In the wake of the December, 2014 release of the U.S. Senate Intelligence Committee’s report on CIA torture, Prime Minister Harper said the report “has nothing to do whatsoever with the government of Canada.”
However, David Long, 9/11 survivor and creator of a petition submitted to Parliament December 3, 2014, disputes this claim.
The office of Steven Blaney, Minister of Public Safety and Emergency Preparedness, recently rejected this request for a Parliamentary review of the September 11, 2001 attacks.
The 1427 petitioners are dismayed that the key document setting forth the U.S. government’s account of the 9/11 events, the 2004 9/11 Commission Report, is based largely on testimony obtained through torture.
Their case was presented in a widely-viewed press conference held at Parliament December 10th by three academic organizations – Rethink911.ca, Architects and Engineers for 9/11 Truth and the9/11 Consensus Panel,
In his brief response to the petitioners, Mr. Blaney stated:
“The Government will not tolerate the waste of taxpayer dollars by studying conspiracy theories.”
However, the claim that the 9/11 Commission Report is based on torture is not, says Long, a conspiracy theory but the conclusion of a 2008 NBC News analysis, which was based on a study of the Commission’s report and on interviews with Commission staffers and U.S. intelligence officials.
“Much of what was reported about the planning and execution of the terror attacks on New York and Washington was derived from the interrogations of high-ranking al-Qaida operatives.”
Each of these operatives had been subjected to “enhanced interrogation” – for example, Khalid Sheikh Mohamed, who was nearly suffocated by water close to 200 times.
One prisoner was placed in a coffin-sized box for 11 days and threats of rape and murder were made against his children. Janat Gul was tortured for months based on false accusations made by an informant.
According to NBC, “More than one quarter of all footnotes in the 9/11 Report refer to CIA interrogations of al-Qaida operatives who were subjected to the now-controversial interrogation techniques”.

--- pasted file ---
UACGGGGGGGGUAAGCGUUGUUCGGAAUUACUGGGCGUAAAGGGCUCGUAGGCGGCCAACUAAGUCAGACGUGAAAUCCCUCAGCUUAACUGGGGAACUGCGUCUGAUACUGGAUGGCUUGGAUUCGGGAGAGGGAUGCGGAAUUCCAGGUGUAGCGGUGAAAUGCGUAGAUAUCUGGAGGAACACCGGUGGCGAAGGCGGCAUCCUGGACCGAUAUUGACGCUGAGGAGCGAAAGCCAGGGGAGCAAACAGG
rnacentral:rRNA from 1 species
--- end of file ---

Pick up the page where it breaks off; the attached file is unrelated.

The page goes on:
Long adds that a parliamentary review would provide answers to disturbing questions about 9/11 and cost a fraction of the 92 billion dollars Canada has spent on the War on Terror.
Mr. Long is still waiting for the Canadian government to explain its reliance on the faulty and discredited 9/11 Commission Report in dictating its foreign and domestic policies, while claiming to have nothing to do with CIA torture.
Roger Lagasse of Vancouver, a signatory to Long’s petition, states:
“It is discourteous for the Harper government to give such short shrift to the concerns of 911 family members, to 2300 American architects and engineers who have studied the building collapses for years, and to a Canadian survivor. It is shameful that, rather than providing a sensitive response to those seeking closure on the many unanswered questions, the government chose to chastise the petitioners.
“If there is no other candidate in my riding who will pledge support for the petitioned parliamentary review, I will run either as an independent or for a party with vision, and make it the central issue of my campaign.
“I feel Canadians owe respect and courtesy to the survivors and family members who, in light of emerging evidence, have called for an independent, objective parliamentary review of the Commission’s report.
“At a minimum we owe this to our soldiers who risk everything for our security.”
Lagasse is in good company. A recent Canadian poll found that support for a parliamentary review outweighs opposition, 33% to 19%.